Thursday, February 9, 2017
Treasure Chest Thursday: Rosita La Forêt Is Insured Again
This is a 9" x 6" off-white piece of paper. It is a carbon copy of an application for a $10,000 insurance policy for Rosita La Forêt. The policy cost $1.00, indicated as paid. Rosita was 18 years old and still living at 615 Indiana Street, Vallejo, California. Her birth date was given as September 4, 1909, which matches that on the emergency passport application her mother filled out in 1917. The application included questions asking whether Rosita was totally blind or deaf (no), or crippled to the extent that she could not travel safely in public places (no).
The application was dated July 7, 1928. This time the only beneficiary named was Rosita's mother, Emma La Forêt. Jean La Forêt had died shortly after the date of the insurance policy I posted last week.
Now that this has surfaced, one item that Emma saved makes a little more sense. On July 17, 1928, Emma bought a subscription to the San Francisco Examiner. When I posted about that, I wondered why she would have bothered to keep such an apparently inconsequential item. Even though this insurance policy was available to readers of the Examiner, as was last week's policy through the Chronicle, the fact that the subscription and the policy are dated on the same day may mean that Emma had simply kept the paperwork together.
The insurance policy itself is similar to that in last week's post. It is again 22" x 17", designed to be folded into quarters and then thirds. The scan is close to the paper's true colors, an off-white with some color on it. It is labeled as a "Federalized Readers Service Travel Accident Policy."
Almost everything on this policy is preprinted. The exceptions are the stamped contact information on the front in red; and the date, Rosita's name, age, and address, and Emma's name as beneficiary on the "title" page. On this policy the signatures on the the third page appear to have been printed with the policy, not stamped on it later.
As with last week's insurance policy, no specific reason or travel is indicated, so we don't know why Rosita was being insured. The details about compensation are similar to those in the previous policy. Payment amounts are higher than those from 1926 — $10,000 and $5,000, as opposed to $7,000 and $3,500 — at least for the first classification of injuries. This policy has four different levels, however. The distinctions are based on how the injuries were sustained. The lowest payments went down to $1,000 and $500. So if Rosita had been injured during the "wrecking or disablement of a railroad passenger car" while she was traveling on it as a "fare-paying passenger", she would have been eligible for the highest category. On the other hand, an injury via lightning, cyclone, or tornado fell into the lowest category.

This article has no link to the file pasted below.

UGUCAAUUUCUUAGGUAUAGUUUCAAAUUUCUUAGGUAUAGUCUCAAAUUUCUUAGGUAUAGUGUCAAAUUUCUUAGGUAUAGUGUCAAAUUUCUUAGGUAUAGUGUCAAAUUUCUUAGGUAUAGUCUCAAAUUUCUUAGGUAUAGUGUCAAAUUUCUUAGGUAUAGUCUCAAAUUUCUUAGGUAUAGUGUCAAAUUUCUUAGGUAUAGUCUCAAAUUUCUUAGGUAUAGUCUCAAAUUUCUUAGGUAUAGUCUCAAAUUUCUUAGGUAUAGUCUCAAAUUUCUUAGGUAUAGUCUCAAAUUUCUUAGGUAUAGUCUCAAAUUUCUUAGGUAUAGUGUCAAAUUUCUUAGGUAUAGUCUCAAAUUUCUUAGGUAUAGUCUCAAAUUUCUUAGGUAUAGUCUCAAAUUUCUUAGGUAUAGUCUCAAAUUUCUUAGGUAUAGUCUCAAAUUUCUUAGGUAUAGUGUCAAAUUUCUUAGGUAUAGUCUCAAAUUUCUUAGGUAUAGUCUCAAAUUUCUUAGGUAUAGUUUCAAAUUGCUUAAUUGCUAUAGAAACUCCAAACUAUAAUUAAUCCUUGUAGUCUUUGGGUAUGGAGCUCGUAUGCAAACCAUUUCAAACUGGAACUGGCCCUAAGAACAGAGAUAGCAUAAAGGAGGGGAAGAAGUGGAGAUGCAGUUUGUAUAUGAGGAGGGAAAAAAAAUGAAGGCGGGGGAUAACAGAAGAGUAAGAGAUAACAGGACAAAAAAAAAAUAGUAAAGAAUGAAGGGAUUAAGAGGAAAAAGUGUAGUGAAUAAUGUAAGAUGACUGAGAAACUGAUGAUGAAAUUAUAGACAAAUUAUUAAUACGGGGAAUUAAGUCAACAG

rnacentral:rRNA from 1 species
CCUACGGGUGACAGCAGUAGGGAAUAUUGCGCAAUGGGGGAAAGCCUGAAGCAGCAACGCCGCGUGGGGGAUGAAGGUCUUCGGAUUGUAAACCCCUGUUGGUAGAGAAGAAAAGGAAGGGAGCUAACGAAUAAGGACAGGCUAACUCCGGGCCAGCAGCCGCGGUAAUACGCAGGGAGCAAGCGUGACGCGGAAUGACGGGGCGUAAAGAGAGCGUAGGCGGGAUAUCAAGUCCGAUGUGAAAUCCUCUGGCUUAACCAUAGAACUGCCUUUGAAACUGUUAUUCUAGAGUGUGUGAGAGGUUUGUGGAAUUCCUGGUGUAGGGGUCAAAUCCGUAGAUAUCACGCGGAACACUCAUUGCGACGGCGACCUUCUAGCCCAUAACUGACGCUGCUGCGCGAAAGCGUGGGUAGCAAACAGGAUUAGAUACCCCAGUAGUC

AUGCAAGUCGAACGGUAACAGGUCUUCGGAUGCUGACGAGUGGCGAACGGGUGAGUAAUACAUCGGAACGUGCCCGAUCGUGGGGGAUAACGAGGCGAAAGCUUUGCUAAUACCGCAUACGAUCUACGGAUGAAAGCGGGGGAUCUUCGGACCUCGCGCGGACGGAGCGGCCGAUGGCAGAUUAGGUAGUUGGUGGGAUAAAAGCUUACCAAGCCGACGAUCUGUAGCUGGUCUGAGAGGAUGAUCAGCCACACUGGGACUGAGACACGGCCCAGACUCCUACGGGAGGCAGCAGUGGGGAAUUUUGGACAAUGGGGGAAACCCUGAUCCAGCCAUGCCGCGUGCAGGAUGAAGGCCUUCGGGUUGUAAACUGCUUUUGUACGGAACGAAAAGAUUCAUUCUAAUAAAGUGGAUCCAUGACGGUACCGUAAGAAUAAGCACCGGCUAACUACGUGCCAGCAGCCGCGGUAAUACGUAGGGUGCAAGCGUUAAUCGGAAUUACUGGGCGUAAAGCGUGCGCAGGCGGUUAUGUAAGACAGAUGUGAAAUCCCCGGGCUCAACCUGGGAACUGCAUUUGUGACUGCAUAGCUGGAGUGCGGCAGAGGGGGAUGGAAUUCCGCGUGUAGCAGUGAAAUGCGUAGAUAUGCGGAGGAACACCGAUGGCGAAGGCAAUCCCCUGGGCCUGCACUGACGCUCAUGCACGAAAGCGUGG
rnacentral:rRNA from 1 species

This policy was from the Federal Life Insurance Company of Chicago. The company is still in business today, unlike good old Eureka Casualty Company from last week, although it is now in Riverwoods, Illinois.
The policy also came with a formulaic acknowledgment letter. It is on an 8 1/2" x 11" off-white piece of paper, about 20# bond in weight, with no watermark. It was printed. The signature has some texture and is significantly darker than the typed letter; it might be real. The letter was not glued into the policy but was loose.
This is another fairly standard letter, but the Examiner doesn't seem to have entirely trusted its salesmen. Why else would it be necessary to include the disclaimer that it could not "assume responsibility of verbal promises made by them"?
There's a slight conflict in some of the information in the letter. The first paragraph states that a regular reader was entitled to a policy, and the application form includes readers as a category, but the next-to-last paragraph has "Be sure and pay your subscription regularly and do not allow your paper to stop and this policy will cover you for one year . . . ." Maybe that was just a marketing tactic to try to keep subscribers?